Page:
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Risk, science, and politics [electronic resource] : regulating toxic substances in Canada and the United States / Kathryn Harrison and George Hoberg.

By: Harrison, Kathryn, 1958-.
Contributor(s): Hoberg, George, 1958-.
Material type: TextTextPublisher: Montreal [Que.] : McGill-Queen's University Press, c1994Description: 1 online resource (xiii, 235 p.).ISBN: 0773512365 (bound); 9780773512368 (bound); 0773512519 (pbk.); 9780773512511 (pbk.); 9780773565050 (electronic bk.); 0773565051 (electronic bk.).Subject(s): Environmental policy -- Canada | Environmental policy -- United States | Hazardous substances -- Law and legislation -- Canada | Hazardous substances -- Law and legislation -- United States | Substances dangereuses -- Droit -- Canada | Substances dangereuses -- Droit -- Aspect �economique -- �Etats-Unis -- Congr�es | Environnement -- Politique gouvernementale -- Canada | Environnement -- Politique gouvernementale -- �Etats-Unis | Hazardous Substances -- Canada -- Legislation | Hazardous Substances -- United States -- Legislation | Health Policy -- Canada -- Legislation | Health Policy -- United States -- Legislation | Milieutoxicologie | Regulering | Risicoanalyse | Gefahrstoff | Umweltrecht | Umweltpolitik | Kanada | USA | Nordamerika | POLITICAL SCIENCE / Public Policy / Environmental Policy | SCIENCE / Environmental ScienceGenre/Form: Electronic books.Additional physical formats: Print version:: Risk, science, and politics.DDC classification: 363.7/00971 Online resources: EBSCOhost
Contents:
Policy making amid scientific uncertainty -- Cancer risk assessment : concepts and controversies -- Between science and politics : assessing the risks of dioxin -- Forbidden fruit : regulating the pesticides alachlor and alar -- Paternalism vs consumer choice : regulation of saccharin in Canada and the United States (with Colleen Rohde) -- Political insulation : the rise and fall of urea-formaldehyde foam -- Acceptable risks? Regulating asbestos in Canada and the United States (with Gregory Hein) -- The perils of paternalism : controlling radon exposure in Canadian and U.S. homes -- Conclusion : risk, science, and public policy.
Review: "Government regulation of toxic substances varies dramatically between the United States and Canada. In Risk, Science, and Politics Kathryn Harrison and George Hoberg analyse these differences and evaluate the strengths and weaknesses of two very different regulatory styles." "The Canadian approach is exemplified by closed decision making, case-by-case review that relies heavily on expert judgement, and limited public debate about the scientific basis of regulatory decisions. In contrast, regulatory science in the United States is characterized by publication of lengthy rationales for regulatory decisions, reliance on standardized procedures for risk assessment, and controversy surrounding the interpretation of scientific evidence. Harrison and Hoberg's detailed comparisons will help readers understand the complexities and subtleties involved in regulation of toxic substances."--BOOK JACKET.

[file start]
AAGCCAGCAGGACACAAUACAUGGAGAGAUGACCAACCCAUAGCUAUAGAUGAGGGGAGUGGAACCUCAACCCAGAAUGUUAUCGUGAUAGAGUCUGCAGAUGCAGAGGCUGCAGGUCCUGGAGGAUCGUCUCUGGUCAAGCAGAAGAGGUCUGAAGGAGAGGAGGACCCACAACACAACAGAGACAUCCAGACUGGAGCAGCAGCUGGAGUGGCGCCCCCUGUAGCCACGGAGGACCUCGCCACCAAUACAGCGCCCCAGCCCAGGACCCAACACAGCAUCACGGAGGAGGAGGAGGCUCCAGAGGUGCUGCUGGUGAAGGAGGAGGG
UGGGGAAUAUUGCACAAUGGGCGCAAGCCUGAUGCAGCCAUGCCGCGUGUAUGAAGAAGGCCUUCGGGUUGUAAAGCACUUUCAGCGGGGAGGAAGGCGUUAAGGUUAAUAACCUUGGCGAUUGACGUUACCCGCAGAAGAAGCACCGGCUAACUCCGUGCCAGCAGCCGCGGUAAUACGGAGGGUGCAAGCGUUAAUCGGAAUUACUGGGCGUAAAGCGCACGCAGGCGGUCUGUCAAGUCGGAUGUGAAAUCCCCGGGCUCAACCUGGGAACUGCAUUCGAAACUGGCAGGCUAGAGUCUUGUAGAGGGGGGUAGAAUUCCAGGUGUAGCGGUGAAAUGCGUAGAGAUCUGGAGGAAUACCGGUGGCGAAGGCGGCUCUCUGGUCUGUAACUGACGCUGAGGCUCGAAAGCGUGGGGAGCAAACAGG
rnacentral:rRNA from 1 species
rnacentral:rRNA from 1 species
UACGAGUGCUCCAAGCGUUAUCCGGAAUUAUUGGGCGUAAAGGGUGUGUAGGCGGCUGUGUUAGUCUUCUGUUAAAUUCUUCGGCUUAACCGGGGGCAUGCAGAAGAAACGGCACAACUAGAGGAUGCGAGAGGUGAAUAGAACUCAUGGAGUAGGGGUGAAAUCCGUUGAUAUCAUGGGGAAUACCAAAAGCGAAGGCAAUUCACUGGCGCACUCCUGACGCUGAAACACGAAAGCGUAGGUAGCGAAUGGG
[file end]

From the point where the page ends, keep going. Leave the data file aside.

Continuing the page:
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Includes bibliographical references and index.

Description based on print version record.

Policy making amid scientific uncertainty -- Cancer risk assessment : concepts and controversies -- Between science and politics : assessing the risks of dioxin -- Forbidden fruit : regulating the pesticides alachlor and alar -- Paternalism vs consumer choice : regulation of saccharin in Canada and the United States (with Colleen Rohde) -- Political insulation : the rise and fall of urea-formaldehyde foam -- Acceptable risks? Regulating asbestos in Canada and the United States (with Gregory Hein) -- The perils of paternalism : controlling radon exposure in Canadian and U.S. homes -- Conclusion : risk, science, and public policy.

"Government regulation of toxic substances varies dramatically between the United States and Canada. In Risk, Science, and Politics Kathryn Harrison and George Hoberg analyse these differences and evaluate the strengths and weaknesses of two very different regulatory styles." "The Canadian approach is exemplified by closed decision making, case-by-case review that relies heavily on expert judgement, and limited public debate about the scientific basis of regulatory decisions. In contrast, regulatory science in the United States is characterized by publication of lengthy rationales for regulatory decisions, reliance on standardized procedures for risk assessment, and controversy surrounding the interpretation of scientific evidence. Harrison and Hoberg's detailed comparisons will help readers understand the complexities and subtleties involved in regulation of toxic substances."--BOOK JACKET.

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Other editions of this work

Risk, science, and politics by Harrison, Kathryn, ©1994
Risk, science, and politics by Harrison, Kathryn, ©1994
Library, Documentation and Information Science Division, Indian Statistical Institute, 203 B T Road, Kolkata 700108, INDIA
Phone no. 91-33-2575 2100, Fax no. 91-33-2578 1412, ksatpathy@isical.ac.in


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